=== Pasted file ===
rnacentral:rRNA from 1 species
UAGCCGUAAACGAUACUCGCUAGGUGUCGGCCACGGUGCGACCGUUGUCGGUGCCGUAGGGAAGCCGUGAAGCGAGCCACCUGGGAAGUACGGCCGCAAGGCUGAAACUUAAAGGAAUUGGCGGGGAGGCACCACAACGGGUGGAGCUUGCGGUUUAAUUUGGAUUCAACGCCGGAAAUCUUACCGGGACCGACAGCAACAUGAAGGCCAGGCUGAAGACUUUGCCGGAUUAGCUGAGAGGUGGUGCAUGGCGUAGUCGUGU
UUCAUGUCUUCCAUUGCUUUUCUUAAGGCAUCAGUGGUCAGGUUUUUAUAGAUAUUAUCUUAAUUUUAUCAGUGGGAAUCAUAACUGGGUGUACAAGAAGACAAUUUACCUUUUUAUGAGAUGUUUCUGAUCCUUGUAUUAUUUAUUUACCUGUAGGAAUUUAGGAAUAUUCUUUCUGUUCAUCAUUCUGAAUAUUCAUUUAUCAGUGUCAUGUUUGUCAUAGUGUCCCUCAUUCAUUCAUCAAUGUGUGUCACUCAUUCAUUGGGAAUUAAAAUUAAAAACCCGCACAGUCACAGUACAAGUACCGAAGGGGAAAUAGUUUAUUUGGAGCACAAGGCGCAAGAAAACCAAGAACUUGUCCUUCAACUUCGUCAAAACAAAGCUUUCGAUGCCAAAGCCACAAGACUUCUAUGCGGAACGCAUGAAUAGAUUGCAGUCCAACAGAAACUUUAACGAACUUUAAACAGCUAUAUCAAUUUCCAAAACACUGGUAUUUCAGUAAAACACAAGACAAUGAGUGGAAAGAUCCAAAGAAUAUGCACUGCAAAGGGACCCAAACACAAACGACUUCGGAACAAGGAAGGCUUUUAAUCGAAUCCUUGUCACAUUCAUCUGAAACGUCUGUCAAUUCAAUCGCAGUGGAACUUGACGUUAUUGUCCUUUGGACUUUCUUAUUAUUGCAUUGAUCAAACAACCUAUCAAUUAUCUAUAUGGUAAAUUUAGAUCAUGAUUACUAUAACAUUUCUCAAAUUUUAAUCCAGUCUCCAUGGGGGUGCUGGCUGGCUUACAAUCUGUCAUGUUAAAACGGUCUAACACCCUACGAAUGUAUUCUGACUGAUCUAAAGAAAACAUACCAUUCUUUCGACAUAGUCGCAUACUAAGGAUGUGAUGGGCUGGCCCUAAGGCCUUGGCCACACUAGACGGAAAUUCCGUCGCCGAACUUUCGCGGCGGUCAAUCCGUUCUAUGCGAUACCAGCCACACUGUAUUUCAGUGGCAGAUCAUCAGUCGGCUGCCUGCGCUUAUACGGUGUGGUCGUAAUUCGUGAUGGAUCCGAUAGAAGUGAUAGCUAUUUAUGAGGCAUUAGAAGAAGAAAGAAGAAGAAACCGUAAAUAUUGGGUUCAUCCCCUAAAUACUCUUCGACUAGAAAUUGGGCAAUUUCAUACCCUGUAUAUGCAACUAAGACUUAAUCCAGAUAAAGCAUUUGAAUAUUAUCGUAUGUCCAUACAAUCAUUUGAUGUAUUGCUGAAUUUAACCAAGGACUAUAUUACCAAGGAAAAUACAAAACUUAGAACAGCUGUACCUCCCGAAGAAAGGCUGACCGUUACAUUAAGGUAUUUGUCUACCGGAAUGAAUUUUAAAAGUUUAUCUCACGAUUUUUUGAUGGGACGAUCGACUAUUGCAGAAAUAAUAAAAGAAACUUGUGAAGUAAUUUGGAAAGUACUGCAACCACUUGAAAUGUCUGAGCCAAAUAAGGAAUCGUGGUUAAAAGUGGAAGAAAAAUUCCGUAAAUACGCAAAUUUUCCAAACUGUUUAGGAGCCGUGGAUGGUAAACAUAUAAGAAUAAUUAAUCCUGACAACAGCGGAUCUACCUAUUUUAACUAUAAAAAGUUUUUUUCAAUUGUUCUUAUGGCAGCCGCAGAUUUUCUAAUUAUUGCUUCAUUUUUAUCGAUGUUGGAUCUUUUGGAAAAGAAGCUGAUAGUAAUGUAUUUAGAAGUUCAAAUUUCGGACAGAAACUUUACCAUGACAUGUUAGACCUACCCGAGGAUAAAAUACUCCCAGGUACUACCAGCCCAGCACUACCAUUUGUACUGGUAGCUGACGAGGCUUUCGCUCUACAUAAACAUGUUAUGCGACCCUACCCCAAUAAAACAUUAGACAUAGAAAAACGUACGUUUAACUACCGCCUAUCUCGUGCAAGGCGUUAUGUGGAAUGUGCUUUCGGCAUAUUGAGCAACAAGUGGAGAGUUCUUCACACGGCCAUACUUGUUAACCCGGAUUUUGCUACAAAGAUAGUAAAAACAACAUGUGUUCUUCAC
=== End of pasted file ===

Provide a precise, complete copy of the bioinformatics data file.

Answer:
rnacentral:rRNA from 1 species
UAGCCGUAAACGAUACUCGCUAGGUGUCGGCCACGGUGCGACCGUUGUCGGUGCCGUAGGGAAGCCGUGAAGCGAGCCACCUGGGAAGUACGGCCGCAAGGCUGAAACUUAAAGGAAUUGGCGGGGAGGCACCACAACGGGUGGAGCUUGCGGUUUAAUUUGGAUUCAACGCCGGAAAUCUUACCGGGACCGACAGCAACAUGAAGGCCAGGCUGAAGACUUUGCCGGAUUAGCUGAGAGGUGGUGCAUGGCGUAGUCGUGU
UUCAUGUCUUCCAUUGCUUUUCUUAAGGCAUCAGUGGUCAGGUUUUUAUAGAUAUUAUCUUAAUUUUAUCAGUGGGAAUCAUAACUGGGUGUACAAGAAGACAAUUUACCUUUUUAUGAGAUGUUUCUGAUCCUUGUAUUAUUUAUUUACCUGUAGGAAUUUAGGAAUAUUCUUUCUGUUCAUCAUUCUGAAUAUUCAUUUAUCAGUGUCAUGUUUGUCAUAGUGUCCCUCAUUCAUUCAUCAAUGUGUGUCACUCAUUCAUUGGGAAUUAAAAUUAAAAACCCGCACAGUCACAGUACAAGUACCGAAGGGGAAAUAGUUUAUUUGGAGCACAAGGCGCAAGAAAACCAAGAACUUGUCCUUCAACUUCGUCAAAACAAAGCUUUCGAUGCCAAAGCCACAAGACUUCUAUGCGGAACGCAUGAAUAGAUUGCAGUCCAACAGAAACUUUAACGAACUUUAAACAGCUAUAUCAAUUUCCAAAACACUGGUAUUUCAGUAAAACACAAGACAAUGAGUGGAAAGAUCCAAAGAAUAUGCACUGCAAAGGGACCCAAACACAAACGACUUCGGAACAAGGAAGGCUUUUAAUCGAAUCCUUGUCACAUUCAUCUGAAACGUCUGUCAAUUCAAUCGCAGUGGAACUUGACGUUAUUGUCCUUUGGACUUUCUUAUUAUUGCAUUGAUCAAACAACCUAUCAAUUAUCUAUAUGGUAAAUUUAGAUCAUGAUUACUAUAACAUUUCUCAAAUUUUAAUCCAGUCUCCAUGGGGGUGCUGGCUGGCUUACAAUCUGUCAUGUUAAAACGGUCUAACACCCUACGAAUGUAUUCUGACUGAUCUAAAGAAAACAUACCAUUCUUUCGACAUAGUCGCAUACUAAGGAUGUGAUGGGCUGGCCCUAAGGCCUUGGCCACACUAGACGGAAAUUCCGUCGCCGAACUUUCGCGGCGGUCAAUCCGUUCUAUGCGAUACCAGCCACACUGUAUUUCAGUGGCAGAUCAUCAGUCGGCUGCCUGCGCUUAUACGGUGUGGUCGUAAUUCGUGAUGGAUCCGAUAGAAGUGAUAGCUAUUUAUGAGGCAUUAGAAGAAGAAAGAAGAAGAAACCGUAAAUAUUGGGUUCAUCCCCUAAAUACUCUUCGACUAGAAAUUGGGCAAUUUCAUACCCUGUAUAUGCAACUAAGACUUAAUCCAGAUAAAGCAUUUGAAUAUUAUCGUAUGUCCAUACAAUCAUUUGAUGUAUUGCUGAAUUUAACCAAGGACUAUAUUACCAAGGAAAAUACAAAACUUAGAACAGCUGUACCUCCCGAAGAAAGGCUGACCGUUACAUUAAGGUAUUUGUCUACCGGAAUGAAUUUUAAAAGUUUAUCUCACGAUUUUUUGAUGGGACGAUCGACUAUUGCAGAAAUAAUAAAAGAAACUUGUGAAGUAAUUUGGAAAGUACUGCAACCACUUGAAAUGUCUGAGCCAAAUAAGGAAUCGUGGUUAAAAGUGGAAGAAAAAUUCCGUAAAUACGCAAAUUUUCCAAACUGUUUAGGAGCCGUGGAUGGUAAACAUAUAAGAAUAAUUAAUCCUGACAACAGCGGAUCUACCUAUUUUAACUAUAAAAAGUUUUUUUCAAUUGUUCUUAUGGCAGCCGCAGAUUUUCUAAUUAUUGCUUCAUUUUUAUCGAUGUUGGAUCUUUUGGAAAAGAAGCUGAUAGUAAUGUAUUUAGAAGUUCAAAUUUCGGACAGAAACUUUACCAUGACAUGUUAGACCUACCCGAGGAUAAAAUACUCCCAGGUACUACCAGCCCAGCACUACCAUUUGUACUGGUAGCUGACGAGGCUUUCGCUCUACAUAAACAUGUUAUGCGACCCUACCCCAAUAAAACAUUAGACAUAGAAAAACGUACGUUUAACUACCGCCUAUCUCGUGCAAGGCGUUAUGUGGAAUGUGCUUUCGGCAUAUUGAGCAACAAGUGGAGAGUUCUUCACACGGCCAUACUUGUUAACCCGGAUUUUGCUACAAAGAUAGUAAAAACAACAUGUGUUCUUCAC